High Risk Activity Waivers are Valid When Properly Drafted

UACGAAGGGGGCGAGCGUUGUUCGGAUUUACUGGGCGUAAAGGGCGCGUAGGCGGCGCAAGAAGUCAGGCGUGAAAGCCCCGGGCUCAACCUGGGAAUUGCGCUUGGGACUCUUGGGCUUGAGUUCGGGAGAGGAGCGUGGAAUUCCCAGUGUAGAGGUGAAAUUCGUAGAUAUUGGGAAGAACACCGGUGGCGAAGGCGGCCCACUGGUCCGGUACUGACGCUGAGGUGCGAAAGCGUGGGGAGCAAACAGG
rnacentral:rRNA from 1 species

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A recent decision from the British Columbia Court of Appeal has confirmed that waivers signed by people participating in high-risk recreational activities are valid where properly drafted. In the BC case two women sued a zip-line operator and lost, even where it was shown that operator negligence had caused them to collide at high speeds and suffer continuing painful personal injury. For most people, the general expectation is that the waiver will not prevent them from bringing a claim where they are injured during the activity, particularly where operator negligence is the cause. The waiver is viewed as a contract between two parties, each giving and taking away rights. In this waiver, the participants gave away their right for damages even though employee error or negligence was the cause of the accident. The operator admitted that they were at fault for the accident. The operator failed to ensure the zip line was clear before sending the next participant down the line. The previous participant did not make it to the next platform and was suspended on the line. The next participant was sent on by the operator’s employee and then collided with the suspended participant. The cause of the accident was due to miscommunication between the guides. At trial the judge rejected the arguments that the operator failed to bring the details of the waiver to the attention of the participants and further rejected arguments that the waiver was unconscionable and deceptive and as a result invalid. The Court of Appeal noted that on the facts the operator did take steps to bring the contents of the release to the attention of the participants and that they had time to read the waiver. The participants would have had to show some inequality in the position of the parties. In this case both participants knew that people that engage in this type of activity must sign waivers and that they were valid contracts. It was noted in the decision that the participants acknowledge that there is a well-established line of authority in Canada holding that releases relating to recreational sports activities are not unconscionable. The appeal court also noted that “the authorities are clear that there is no power-imbalance where a person wishes to engage in an inherently risky recreational activity that is controlled or operated by another. Equally important, they are also clear that it is not unfair for the operator to require a release or waiver as a condition of participating.” 

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